... [T]he timing and content of the telephone calls made it highly unlikely that the defendant was referencing his September 2014 arrest for the instant offense, rather than his subsequent arrest on the unrelated gun possession charge. Moreover, in addition to the lack of relevance of this evidence to the charges in this case, the jury was unaware of the defendant's subsequent May 2015 arrest, and therefore was unable to properly evaluate the weight to be accorded to the recordings as evidence of the defendant's guilt of the instant offense. Thus, there was a substantial risk that the jury would be misled into believing that the defendant's admissions in the telephone recordings referred to the instant offense. The admission of the recordings into evidence placed the defendant in the untenable position of deciding whether to accept this misleading narrative that the telephone recordings referred to the instant offense or disclose his later arrest on a similar gun possession charge, which disclosure itself would have caused him undue prejudice ... . People v Robinson, 2019 NY Slip Op 01799, Second Dept 3-13-19

CRIMINAL LAW, EVIDENCE.

HANDCUFFING THE DEFENDANT PENDING IDENTIFICATION BY THE UNDERCOVER OFFICER AMOUNTED AN ARREST WITHOUT PROBABLE CAUSE, MOTION TO SUPPRESS SHOULD HAVE BEEN GRANTED (FIRST DEPT).

The First Department, reversing Supreme Court, determined handcuffing the defendant pending identification by the undercover officer amounted to an arrest without probable cause. Defendant's motion to suppress the identification and the buy money should have been granted:

The hearing court expressly determined that the police detention of defendant was supported by reasonable suspicion, but that probable cause did not exist until the undercover officer who allegedly bought drugs from defendant made an identification. Because the record provides no reason for the officers to have concluded that defendant, a suspect in a street drug sale, was armed or dangerous, or likely to resist arrest or flee, handcuffing him was inconsistent with an investigatory detention and elevated the intrusion to an arrest not based on probable cause ... . Accordingly, the undercover officer's identification of defendant and the buy money recovered as a result of the unlawful arrest should have been suppressed, and defendant is entitled to a new trial preceded by an independent source hearing ... . People v Perez, 2019 NY Slip Op 01822, First Dept 3-14-18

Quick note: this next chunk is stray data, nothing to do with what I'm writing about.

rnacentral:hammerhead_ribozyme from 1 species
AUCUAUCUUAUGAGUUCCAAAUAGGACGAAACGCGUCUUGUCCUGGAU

CRIMINAL LAW, EVIDENCE.

DEFENDANT'S INSTRUCTING ANOTHER TO KILL HIS WIFE AND HER MOTHER DID NOT COME NEAR ENOUGH TO ACCOMPLISHING MURDER TO SUPPORT THE ATTEMPTED MURDER CONVICTIONS (FOURTH DEPT).

The Fourth Department, reversing the attempted murder convictions, determined the evidence did not demonstrate that the defendant came near enough to accomplishing murder to support the convictions. The defendant, who was in jail, gave detailed instructions to kill his wife and her mother to another inmate, who immediately informed jail authorities:

"Acts of preparation to commit an offense do not constitute an attempt . . . There must be a step in the direct movement towards the commission of the crime after preparations have been made . . . Likewise, acts of conspiring to commit a crime, or of soliciting another to commit a crime do not per se constitute an attempt to commit the contemplated crime" ... . Consequently, the People must establish that defendant "engaged in conduct that came dangerously near commission of the completed crime" ... . ...

 

The evidence establishes only that defendant planned the crimes, discussed them with the inmate in the next cell and with that inmate's girlfriend, and exchanged notes about them. Thus, inasmuch as " several contingencies stood between the agreement in the [jail] and the contemplated [crimes],' defendant[] did not come very near' to accomplishment of the intended crime[s]" ... . Where, as here, the evidence fails to establish that defendant took any action that brought the crime close to completion, no matter how slight ... , the evidence is not legally sufficient to support a conviction of attempt to commit that crime ... . People v Lendof-Gonzalez, 2019 NY Slip Op 01904, Fourth Dept 3-15-19

DEFAMATION, CIVIL PROCEDURE, CONSTITUTIONAL LAW.

SUPREMACY CLAUSE DOES NOT PRECLUDE DEFAMATION SUIT AGAINST PRESIDENT TRUMP FOR STATEMENTS MADE WHILE A CANDIDATE (FIRST DEPT).